The Queen spoke today of the "difficult" and even "painful" choices facing the Church of England as she formally opened the Church's national assembly.
The five years ahead will not always be "straightforward", she told lay members, clergy and bishops gathered at Church House in Westminster, central London.
"The new Synod will have many issues to resolve to ensure that the Church of England remains equipped for the effective pursuit of its mission and ministry," she said.
"Some will, no doubt, involve difficult, even painful, choices.
"But Christian history suggests that times of growth and spiritual vigour have often coincided with periods of challenge and testing.
"What matters is holding firmly to the need to communicate the gospel with joy and conviction in our society."
Her remarks are likely to be interpreted as referring to the new General Synod's central role in legislation to introduce women bishops.
The Church of England is also being asked to consider the Anglican Covenant, billed as a blueprint to help the Anglican Communion resolve disputes over homosexuality and same-sex blessings.
"For at the heart of our faith stand not a preoccupation with our welfare and comfort but the concepts of service and of sacrifice as shown in the life and teachings of the one who made himself nothing, taking the very form of a servant," the Queen said.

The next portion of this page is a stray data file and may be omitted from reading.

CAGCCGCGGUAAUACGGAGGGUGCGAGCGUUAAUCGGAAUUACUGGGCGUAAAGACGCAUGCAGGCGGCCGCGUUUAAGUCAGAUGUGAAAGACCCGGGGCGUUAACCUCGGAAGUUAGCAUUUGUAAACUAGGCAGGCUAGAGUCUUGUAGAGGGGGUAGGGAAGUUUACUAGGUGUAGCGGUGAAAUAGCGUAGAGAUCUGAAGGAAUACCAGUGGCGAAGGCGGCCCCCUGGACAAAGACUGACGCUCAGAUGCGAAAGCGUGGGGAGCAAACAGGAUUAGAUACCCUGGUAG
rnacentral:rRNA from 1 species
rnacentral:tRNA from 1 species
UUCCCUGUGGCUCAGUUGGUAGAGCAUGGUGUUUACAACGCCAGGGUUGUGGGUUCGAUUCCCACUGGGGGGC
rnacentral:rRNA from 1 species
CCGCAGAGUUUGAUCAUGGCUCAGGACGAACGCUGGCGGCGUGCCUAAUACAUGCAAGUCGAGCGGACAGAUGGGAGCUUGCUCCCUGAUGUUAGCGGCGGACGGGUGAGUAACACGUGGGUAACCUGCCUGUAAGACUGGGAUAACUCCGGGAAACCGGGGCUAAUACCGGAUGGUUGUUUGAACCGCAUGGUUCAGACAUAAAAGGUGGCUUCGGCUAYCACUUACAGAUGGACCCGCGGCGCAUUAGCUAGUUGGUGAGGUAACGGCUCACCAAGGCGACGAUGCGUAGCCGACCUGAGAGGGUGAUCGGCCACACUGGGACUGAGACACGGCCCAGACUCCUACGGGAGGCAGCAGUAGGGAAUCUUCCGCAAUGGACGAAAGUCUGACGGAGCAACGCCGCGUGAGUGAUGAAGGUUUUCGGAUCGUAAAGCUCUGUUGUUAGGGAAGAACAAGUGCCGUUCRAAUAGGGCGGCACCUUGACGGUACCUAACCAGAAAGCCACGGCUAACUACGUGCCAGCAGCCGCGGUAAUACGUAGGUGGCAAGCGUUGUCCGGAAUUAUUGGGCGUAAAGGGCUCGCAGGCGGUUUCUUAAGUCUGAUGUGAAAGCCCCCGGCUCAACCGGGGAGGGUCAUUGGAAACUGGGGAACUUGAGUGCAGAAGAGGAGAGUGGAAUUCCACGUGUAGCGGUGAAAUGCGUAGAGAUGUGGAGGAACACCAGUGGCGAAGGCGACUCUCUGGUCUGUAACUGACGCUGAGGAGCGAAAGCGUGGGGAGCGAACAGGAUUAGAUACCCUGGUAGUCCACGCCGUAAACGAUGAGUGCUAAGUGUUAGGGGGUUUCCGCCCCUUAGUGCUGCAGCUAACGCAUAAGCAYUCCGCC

In her address, the Queen said the place of religion had come to be a matter of "lively discussion" in a more "diverse and secular" society.
"It is rightly acknowledged that people of faith have no monopoly of virtue and that the well-being and prosperity of the nation depend on the contribution of individuals and groups of all faiths and none," she said.
"Yet, as the recent visit of His Holiness the Pope reminded us, churches and the other great faith traditions retain the potential to inspire great enthusiasm, loyalty and a concern for the common good."
The Queen's address came after she attended a service of Holy Communion at Westminster Abbey to inaugurate the new General Synod.
Dame Mary Tanner, a president of the World Council of Churches, who gave the sermon at the service, warned the Synod against becoming "inward looking" or "obsessed" with its own internal life.
"You are to help us to be more firm in our faith, more convincing in making Christ known in a hurting world, more attentive to the poor and vulnerable, more self-sacrificial in our service, more dynamic in our missionary task, as we walk together on the way," she said.